Four charts show how much China's economy has changed in 30 years

The Chinese government doesn't often talk about the Tiananmen crackdown that shook Beijing 30 years ago this week. When reporters ask about it, Beijing officials often divert the conversation to the economic boom China has experienced since 1989.

Several hundred or perhaps thousands of Chinese pro-democracy protesters were killed at Tiananmen Square in 1989, according to various independent estimates.They were attacked by Chinese troops — some of them deployed in columns of tanks.

People's Liberation Army Senior Colonel Zhou Bo this week said there was "nothing wrong" with China's crackdown on protests 30 years ago — and he cited the country's economic prosperity since then as evidence of Beijing's proper course.

"Look at China after this incident. China has prospered," he told CNBC's Sri Jegarajah in a wide-ranging interview. "China, the Chinese people's living standards are much higher. And we did do the right thing. There's nothing wrong with it."

Zhou provided no evidence of a link between economic prosperity and the events of June 4, 1989. But setting aside the human cost of 1989, anyone who wants to understand the new, global assertiveness from Beijing would be well served to look at the economic changes Zhou mentioned.

Below are four charts that illustrate them.

Urban migration

In 30 years, China has morphed from having a primarily agrarian population to a nation of city dwellers. This has come about in tandem with the consolidation of a once diverse, small-farm agricultural tradition, and a boom in the number of migrants who have settled in the country's economic centers.

China's biggest cities

And those cities have seen their gross domestic products explode. Thirty years ago, Shenzhen was a small town. Today, it's a technology hub and one of China's most economically potent cities.

Source: Channel Wu

In 1989, the five biggest cities by gross domestic product were Shanghai, Beijing, Chongqing, Guangzhou and Tianjin, according to analysis by widely followed Chinese financial journalist Wu Xiaobo.

In 2017, Shanghai and Beijing remained first and second, but Shenzhen climbed into third place. In addition to favorable government policies, Shenzhen has benefited from its proximity to local factories and the financial center of Hong Kong. The city hosts Chinese technology giants including Huawei and Tencent.

Global trading partners

The United States and China are now more than a year into a trade war that has cost both economies and disrupted global commerce.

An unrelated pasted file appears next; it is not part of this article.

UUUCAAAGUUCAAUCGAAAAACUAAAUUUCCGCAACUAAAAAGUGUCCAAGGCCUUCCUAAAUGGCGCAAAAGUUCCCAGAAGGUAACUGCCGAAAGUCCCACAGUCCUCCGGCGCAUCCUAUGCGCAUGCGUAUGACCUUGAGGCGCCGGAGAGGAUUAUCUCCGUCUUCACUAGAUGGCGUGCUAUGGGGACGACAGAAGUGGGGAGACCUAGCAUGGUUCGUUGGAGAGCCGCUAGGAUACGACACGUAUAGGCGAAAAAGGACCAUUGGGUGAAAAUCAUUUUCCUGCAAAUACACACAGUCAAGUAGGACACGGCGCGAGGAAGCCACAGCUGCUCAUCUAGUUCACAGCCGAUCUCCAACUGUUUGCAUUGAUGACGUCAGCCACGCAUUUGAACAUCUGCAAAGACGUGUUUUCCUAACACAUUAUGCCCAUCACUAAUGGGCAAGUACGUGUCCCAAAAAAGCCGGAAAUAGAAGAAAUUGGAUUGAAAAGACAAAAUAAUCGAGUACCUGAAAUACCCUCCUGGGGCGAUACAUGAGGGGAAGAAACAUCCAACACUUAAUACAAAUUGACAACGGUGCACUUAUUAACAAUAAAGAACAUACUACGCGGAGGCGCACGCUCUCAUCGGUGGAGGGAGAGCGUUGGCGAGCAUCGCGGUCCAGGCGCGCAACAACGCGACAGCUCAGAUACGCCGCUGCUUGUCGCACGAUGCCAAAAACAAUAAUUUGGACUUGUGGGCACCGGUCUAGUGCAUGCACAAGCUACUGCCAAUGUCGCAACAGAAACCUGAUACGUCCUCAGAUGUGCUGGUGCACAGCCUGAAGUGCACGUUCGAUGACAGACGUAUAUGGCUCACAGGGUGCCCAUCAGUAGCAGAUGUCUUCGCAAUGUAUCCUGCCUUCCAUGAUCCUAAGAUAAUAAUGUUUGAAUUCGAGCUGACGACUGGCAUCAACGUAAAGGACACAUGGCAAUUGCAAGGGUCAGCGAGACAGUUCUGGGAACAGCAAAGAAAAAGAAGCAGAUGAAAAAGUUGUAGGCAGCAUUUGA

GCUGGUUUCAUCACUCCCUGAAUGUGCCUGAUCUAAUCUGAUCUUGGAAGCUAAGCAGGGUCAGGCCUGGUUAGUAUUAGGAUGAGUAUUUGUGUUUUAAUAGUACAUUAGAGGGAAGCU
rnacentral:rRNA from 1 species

There are early signs that other nations — Vietnam, India, Chile, France and Germany, among others — are benefiting as importers in China and the United States try to sidestep tariffs by seeking out products from third countries.

But acquiring goods from new factories (and new farms) hardly makes a dent in the overall trade volume generated by the world's two biggest economies. The interactive graphic below gives a detailed view of trade relationships over recent years for China and the United States.

Chinese tourists around the world

Selfie-taking Chinese tourists are a common site worldwide today. Three decades ago, in the immediate aftermath of Tiananmen Square, the coming boom in outbound travel was just a faint glint on the horizon.

The Hamburg, Germany-based China Outbound Tourism Research Institute, or COTRI, forecasts that 180 million Chinese will travel overseas in 2019. Back in 1991, the figure was 2.13 million.

In 1989, the country was already a decade into a landmark opening of its economy that political leaders launched at the end of 1978.

And while GDP was growing then, average Chinese were by no means wealthy. Strict controls on overseas travel, meanwhile, meant glimpses of Mount Fuji or the Statue of Liberty were still largely confined to books, magazines and TV shows.

'Shunned by the global community'

Wolfgang Georg Arlt, COTRI's director, said no reliable numbers are available for the years 1989 and 1990.

"But as China was shunned by the global community after Tiananmen in June 1989 — and, anyway, China had almost no hard currency reserves — the number of departures was clearly below two million, maybe even below one million," he told CNBC in an email.

The United States and other countries imposed sanctions on China for the Tiananmen crackdown, and economic growth slumped from 11.2 percent in 1988 to 4.2 percent in 1989 and 3.9 percent in 1990.

But GDP growth rebounded to 9.3 percent in 1991, beginning a long run of annual expansions, sometimes in double digits. Those eventually sent China leapfrogging over the likes of Canada, Italy, Britain, France, Germany and Japan to become the world's second-largest economy.

Only the United States remains bigger.

—CNBC's John Schoen contributed to this report.

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